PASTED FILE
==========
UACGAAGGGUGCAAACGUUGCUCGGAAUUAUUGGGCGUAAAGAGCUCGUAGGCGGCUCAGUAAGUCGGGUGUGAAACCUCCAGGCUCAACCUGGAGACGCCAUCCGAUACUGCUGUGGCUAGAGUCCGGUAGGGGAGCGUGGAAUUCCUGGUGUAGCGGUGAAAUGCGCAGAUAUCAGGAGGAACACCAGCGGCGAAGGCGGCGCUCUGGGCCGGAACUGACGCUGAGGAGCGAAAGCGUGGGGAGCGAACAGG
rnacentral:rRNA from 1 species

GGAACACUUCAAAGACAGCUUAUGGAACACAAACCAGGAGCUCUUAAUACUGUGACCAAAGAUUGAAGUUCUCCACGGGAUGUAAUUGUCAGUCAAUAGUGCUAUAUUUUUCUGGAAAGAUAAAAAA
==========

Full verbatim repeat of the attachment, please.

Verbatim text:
UACGAAGGGUGCAAACGUUGCUCGGAAUUAUUGGGCGUAAAGAGCUCGUAGGCGGCUCAGUAAGUCGGGUGUGAAACCUCCAGGCUCAACCUGGAGACGCCAUCCGAUACUGCUGUGGCUAGAGUCCGGUAGGGGAGCGUGGAAUUCCUGGUGUAGCGGUGAAAUGCGCAGAUAUCAGGAGGAACACCAGCGGCGAAGGCGGCGCUCUGGGCCGGAACUGACGCUGAGGAGCGAAAGCGUGGGGAGCGAACAGG
rnacentral:rRNA from 1 species

GGAACACUUCAAAGACAGCUUAUGGAACACAAACCAGGAGCUCUUAAUACUGUGACCAAAGAUUGAAGUUCUCCACGGGAUGUAAUUGUCAGUCAAUAGUGCUAUAUUUUUCUGGAAAGAUAAAAAA